Girl behind Renegade TikTok dance reclaims spotlight at NBA All-Star Game

CBC Kids News • Published 2020-02-18 19:56

After backlash on Twitter, teen given opportunity to perform

Have you tried your own version of TikTok’s Renegade dance recently?

Before you recorded it, did you think about where it all started?

You may be surprised to hear that the dance craze was started by a 14-year-old named Jalaiah Harmon from Fayetteville, GA. 

And at this past Sunday’s NBA All-Star Game, she finally got to show off her moves live in front of millions of viewers.

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The dance, which went viral on TikTok in September, has been performed by celebrities like Lizzo and Kourtney Kardashian.

But the dance didn’t actually start on TikTok.

Last week, Jalaiah told the New York Times that she originally posted a video of her and her friend performing the dance on Funimate — a smaller video-sharing app — as well as Instagram.

She said she was upset when she started seeing so many mainstream influencers co-opting her dance without giving her credit.

On Friday, Jalaiah was finally given some props after K Camp, the musician who performs Renegade, thanked Jalaiah for popularizing the song.

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But then during Saturday night’s All-Star slam dunk contest, a group of TikTok stars was brought onto centre court to perform the dance during Aaron Gordon’s dunk attempt.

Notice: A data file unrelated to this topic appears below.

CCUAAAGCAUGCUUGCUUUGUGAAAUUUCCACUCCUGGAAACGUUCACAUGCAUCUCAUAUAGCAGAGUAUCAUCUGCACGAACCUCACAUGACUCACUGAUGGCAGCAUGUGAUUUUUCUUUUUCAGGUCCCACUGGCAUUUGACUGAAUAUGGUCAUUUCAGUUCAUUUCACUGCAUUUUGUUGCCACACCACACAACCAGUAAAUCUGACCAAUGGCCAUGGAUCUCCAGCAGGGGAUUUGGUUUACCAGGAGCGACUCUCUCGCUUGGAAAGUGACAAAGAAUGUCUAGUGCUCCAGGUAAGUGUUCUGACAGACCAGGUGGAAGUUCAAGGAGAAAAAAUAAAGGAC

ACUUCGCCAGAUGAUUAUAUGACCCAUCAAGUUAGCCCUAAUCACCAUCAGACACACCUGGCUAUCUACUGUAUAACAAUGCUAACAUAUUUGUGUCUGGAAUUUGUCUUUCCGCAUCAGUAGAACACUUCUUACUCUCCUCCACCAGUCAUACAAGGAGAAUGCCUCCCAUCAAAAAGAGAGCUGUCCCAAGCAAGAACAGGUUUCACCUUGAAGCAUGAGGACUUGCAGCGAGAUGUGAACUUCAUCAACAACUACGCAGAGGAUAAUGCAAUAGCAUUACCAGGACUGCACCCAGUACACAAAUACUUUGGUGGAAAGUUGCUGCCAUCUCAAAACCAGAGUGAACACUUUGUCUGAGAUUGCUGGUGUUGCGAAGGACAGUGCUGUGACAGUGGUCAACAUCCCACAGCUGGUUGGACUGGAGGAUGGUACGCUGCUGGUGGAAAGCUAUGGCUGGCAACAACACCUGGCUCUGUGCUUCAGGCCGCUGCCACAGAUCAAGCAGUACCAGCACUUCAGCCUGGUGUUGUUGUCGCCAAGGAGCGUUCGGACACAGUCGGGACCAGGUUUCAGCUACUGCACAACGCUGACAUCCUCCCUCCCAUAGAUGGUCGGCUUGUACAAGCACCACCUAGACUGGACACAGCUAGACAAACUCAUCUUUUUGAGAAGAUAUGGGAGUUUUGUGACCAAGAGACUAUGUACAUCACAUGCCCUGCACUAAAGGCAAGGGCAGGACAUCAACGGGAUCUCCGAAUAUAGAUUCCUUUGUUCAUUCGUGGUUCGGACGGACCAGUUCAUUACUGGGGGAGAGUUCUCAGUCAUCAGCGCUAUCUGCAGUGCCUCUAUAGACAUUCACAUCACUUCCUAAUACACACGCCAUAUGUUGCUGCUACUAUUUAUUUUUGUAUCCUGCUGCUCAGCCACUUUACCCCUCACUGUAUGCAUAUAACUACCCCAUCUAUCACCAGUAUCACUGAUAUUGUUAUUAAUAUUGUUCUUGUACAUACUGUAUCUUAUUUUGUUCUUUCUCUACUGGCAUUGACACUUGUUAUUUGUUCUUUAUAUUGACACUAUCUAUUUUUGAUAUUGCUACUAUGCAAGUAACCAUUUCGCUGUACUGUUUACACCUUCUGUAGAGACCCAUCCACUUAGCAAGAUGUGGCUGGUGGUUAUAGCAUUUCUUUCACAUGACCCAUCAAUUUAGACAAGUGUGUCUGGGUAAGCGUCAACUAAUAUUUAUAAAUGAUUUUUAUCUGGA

The group included TikTok star Charli D’Amelio, one of the influencers who popularized Jalaiah’s dance. Jalaiah, however, wasn’t invited.

Users on Twitter became upset, saying that it was just another example of Jalaiah losing opportunities to more mainstream influencers.

Some said the fact that these influencers were white and were invited instead of Jalaiah, who is black, made it worse.

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According to some, Jalaiah’s story is part of a larger problem of appropriation on the internet.

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Finally, credit was given where it was due.

During Sunday night’s All-Star Game, the NBA invited Jalaiah to show the world her moves.

Some people turned on ALL CAPS to express how happy they were that Jalaiah was finally given recognition for the dance she’d created.  

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Others were critical that the NBA didn’t invite her in the first place.

Tweet embeds video of Jalaiah dancing at All-star game, and comments with

CBC Kids News reached out to the NBA for comment but did not hear back.

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